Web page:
Westland County, also known as County of Westland, was a local government area on the West Coast of New Zealand's South Island. It existed from 1868 to 1873, and constituted the government for the area that was split from the Canterbury Province, with the West Coast Gold Rush having given the impetus for that split. It had the same administrative powers as a provincial council, but the legislative power rested with Parliament in Wellington. Westland County was the predecessor to Westland Province.
The Canterbury Province, founded in 1853, initially extended from the West Coast to the East Coast of the South Island. Few people initially lived on the West Coast; most of them were Māori. Communication between the coastal areas was difficult, as the Southern Alps created a strong barrier. In practice, most of the communication was by ship; overland journeys were seldom undertaken.
All this changed when in late 1863 gold was found on the West Coast. Over the next three years, some 30,000 people moved to the West Coast. Some of the richest gold deposits were in an area inland from Greymouth that was bisected by the boundaries set in 1853; part of the gold reserves were located in the Nelson Province. The Canterbury Provincial Council reacted to the situation by installing George Sale as goldfields commissioner with wide-ranging powers. Sale was responsible to the Executive Council of the Canterbury Provincial Council only. He set up his administration in Hokitika, which thus became a sub-capital.
In parallel, the Canterbury Provincial Council commissioned the provincial engineer, Edward Dobson, with finding a suitable route to be found for a road link. Dobson settled on the route that had previously been discovered by his son Arthur, and construction of this route over Arthur's Pass started shortly thereafter. The road was to be paid from income raised on the goldfields, but West Coasters objected to this, as they saw much more need for public works on the West Coast itself. Out of this, a separation movement formed on the West Coast. In parallel, people in Greymouth petitioned the House of Representatives for their region to be annexed to Nelson Province. The Hokitika petition was granted, and Westland County was established.
Parliament passed the County of Westland Act in 1867, and the county came into force on 1 January 1868. The tenure of the five members of the West Coast on the Canterbury Provincial Council finished on 31 December 1867: Edmund Barff and Conrad Hoos for the Westland electorate, James Bonar and Michael Albert Cassius for the Hokitika electorate, and John Arthur Whall for the Greymouth electorate. The legislation gave the Governor the power to install a chairman, and Sir George Grey appointed John Hall. The other eight members were to be elected: four from Westland District, and two each from Hokitika and Greymouth.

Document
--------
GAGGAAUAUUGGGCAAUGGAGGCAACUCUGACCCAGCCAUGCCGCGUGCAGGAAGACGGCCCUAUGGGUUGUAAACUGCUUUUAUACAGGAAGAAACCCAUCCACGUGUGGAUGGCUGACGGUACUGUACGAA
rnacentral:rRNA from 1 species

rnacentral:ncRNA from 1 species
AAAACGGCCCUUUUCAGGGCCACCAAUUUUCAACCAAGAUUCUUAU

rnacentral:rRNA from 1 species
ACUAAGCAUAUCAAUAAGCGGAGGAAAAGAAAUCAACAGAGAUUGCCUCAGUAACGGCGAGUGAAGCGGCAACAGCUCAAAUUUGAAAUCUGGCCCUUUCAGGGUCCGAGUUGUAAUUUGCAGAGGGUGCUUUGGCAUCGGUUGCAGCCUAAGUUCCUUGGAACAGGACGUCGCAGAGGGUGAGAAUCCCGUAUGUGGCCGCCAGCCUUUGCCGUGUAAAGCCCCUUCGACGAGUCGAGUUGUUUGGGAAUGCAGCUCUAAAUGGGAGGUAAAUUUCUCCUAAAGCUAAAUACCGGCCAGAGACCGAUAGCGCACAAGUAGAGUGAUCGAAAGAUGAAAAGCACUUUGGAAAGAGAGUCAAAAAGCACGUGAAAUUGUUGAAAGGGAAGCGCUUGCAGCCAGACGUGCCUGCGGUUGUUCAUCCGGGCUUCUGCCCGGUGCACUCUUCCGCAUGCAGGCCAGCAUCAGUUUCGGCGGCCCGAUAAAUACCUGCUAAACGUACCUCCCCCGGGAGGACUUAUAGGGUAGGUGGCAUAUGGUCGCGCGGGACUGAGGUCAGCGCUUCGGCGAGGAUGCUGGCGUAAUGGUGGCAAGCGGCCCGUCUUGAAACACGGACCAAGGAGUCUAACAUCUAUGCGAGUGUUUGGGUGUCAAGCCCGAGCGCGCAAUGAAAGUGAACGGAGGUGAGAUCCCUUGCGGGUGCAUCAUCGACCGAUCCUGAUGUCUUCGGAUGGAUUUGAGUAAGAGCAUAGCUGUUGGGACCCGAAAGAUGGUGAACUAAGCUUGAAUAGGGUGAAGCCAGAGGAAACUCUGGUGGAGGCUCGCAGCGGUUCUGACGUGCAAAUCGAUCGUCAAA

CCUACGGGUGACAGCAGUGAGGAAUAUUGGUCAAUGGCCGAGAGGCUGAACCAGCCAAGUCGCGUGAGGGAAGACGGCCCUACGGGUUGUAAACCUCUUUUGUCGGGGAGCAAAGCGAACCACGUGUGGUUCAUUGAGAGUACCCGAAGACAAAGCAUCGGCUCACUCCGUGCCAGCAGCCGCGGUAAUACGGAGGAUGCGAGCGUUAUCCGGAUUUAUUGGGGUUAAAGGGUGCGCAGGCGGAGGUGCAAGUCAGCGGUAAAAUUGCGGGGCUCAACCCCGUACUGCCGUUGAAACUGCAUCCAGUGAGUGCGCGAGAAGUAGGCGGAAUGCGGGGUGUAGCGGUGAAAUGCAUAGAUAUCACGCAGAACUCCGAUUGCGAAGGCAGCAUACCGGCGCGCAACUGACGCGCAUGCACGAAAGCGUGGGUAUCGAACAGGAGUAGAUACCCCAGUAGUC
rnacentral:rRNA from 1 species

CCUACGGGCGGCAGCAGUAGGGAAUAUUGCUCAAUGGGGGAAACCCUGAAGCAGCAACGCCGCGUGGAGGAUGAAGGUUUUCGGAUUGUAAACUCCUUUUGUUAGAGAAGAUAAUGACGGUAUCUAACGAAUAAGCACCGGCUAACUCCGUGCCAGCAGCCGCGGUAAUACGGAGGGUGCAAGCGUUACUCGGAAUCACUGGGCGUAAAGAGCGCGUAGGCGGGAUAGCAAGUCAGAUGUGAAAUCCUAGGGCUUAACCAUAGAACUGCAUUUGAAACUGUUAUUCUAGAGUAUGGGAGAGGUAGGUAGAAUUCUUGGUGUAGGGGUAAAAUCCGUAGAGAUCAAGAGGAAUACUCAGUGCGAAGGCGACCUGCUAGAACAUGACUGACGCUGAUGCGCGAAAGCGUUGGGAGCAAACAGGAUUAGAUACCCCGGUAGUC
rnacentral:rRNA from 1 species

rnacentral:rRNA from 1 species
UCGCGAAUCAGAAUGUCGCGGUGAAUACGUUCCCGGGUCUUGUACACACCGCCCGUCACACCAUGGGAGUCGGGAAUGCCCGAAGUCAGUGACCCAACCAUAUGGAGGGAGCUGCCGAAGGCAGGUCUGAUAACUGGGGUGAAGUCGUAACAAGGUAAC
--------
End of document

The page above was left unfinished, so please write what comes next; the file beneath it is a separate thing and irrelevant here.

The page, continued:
The first council recommended changes to the legislation, and a new act was passed: the County of Westland Act, 1868, which came into force on 1 November 1868. This act also provided for a membership of nine: two each from Hokitika and Greymouth, and one from each of the five road districts (Paroa, Arahura, Kaniere, Totara, and Ōkārito). This council would elect its chairman from within its membership.
This form of government gave the county the administrative powers of a provincial council, but saw the legislative powers remain with Parliament in Wellington. Hall is credited with the idea for this form of government. Members of Parliament were not happy with having to spend their time on local legislation, and in 1873, it was decided to confer full status of a provincial council to Westland through the Province of Westland Act, 1873. The act came into force on 1 December 1873, and with this, Westland County ceased to exist and Westland Province was created.
There were five chairmen during the time that Westland County existed: